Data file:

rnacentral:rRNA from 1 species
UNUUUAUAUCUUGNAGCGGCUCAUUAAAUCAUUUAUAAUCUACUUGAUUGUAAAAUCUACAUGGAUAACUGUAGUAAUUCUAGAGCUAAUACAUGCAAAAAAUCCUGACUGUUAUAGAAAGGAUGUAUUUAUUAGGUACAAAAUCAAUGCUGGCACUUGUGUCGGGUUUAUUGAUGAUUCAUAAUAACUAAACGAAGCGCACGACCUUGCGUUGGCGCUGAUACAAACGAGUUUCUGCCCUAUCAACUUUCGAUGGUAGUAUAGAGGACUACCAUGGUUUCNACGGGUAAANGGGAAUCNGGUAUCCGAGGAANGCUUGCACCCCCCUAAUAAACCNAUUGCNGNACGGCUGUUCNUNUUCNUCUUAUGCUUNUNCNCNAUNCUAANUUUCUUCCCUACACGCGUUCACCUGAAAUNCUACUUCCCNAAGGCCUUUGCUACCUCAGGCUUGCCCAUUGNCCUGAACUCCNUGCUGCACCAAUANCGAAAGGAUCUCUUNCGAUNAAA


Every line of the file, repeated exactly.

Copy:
rnacentral:rRNA from 1 species
UNUUUAUAUCUUGNAGCGGCUCAUUAAAUCAUUUAUAAUCUACUUGAUUGUAAAAUCUACAUGGAUAACUGUAGUAAUUCUAGAGCUAAUACAUGCAAAAAAUCCUGACUGUUAUAGAAAGGAUGUAUUUAUUAGGUACAAAAUCAAUGCUGGCACUUGUGUCGGGUUUAUUGAUGAUUCAUAAUAACUAAACGAAGCGCACGACCUUGCGUUGGCGCUGAUACAAACGAGUUUCUGCCCUAUCAACUUUCGAUGGUAGUAUAGAGGACUACCAUGGUUUCNACGGGUAAANGGGAAUCNGGUAUCCGAGGAANGCUUGCACCCCCCUAAUAAACCNAUUGCNGNACGGCUGUUCNUNUUCNUCUUAUGCUUNUNCNCNAUNCUAANUUUCUUCCCUACACGCGUUCACCUGAAAUNCUACUUCCCNAAGGCCUUUGCUACCUCAGGCUUGCCCAUUGNCCUGAACUCCNUGCUGCACCAAUANCGAAAGGAUCUCUUNCGAUNAAA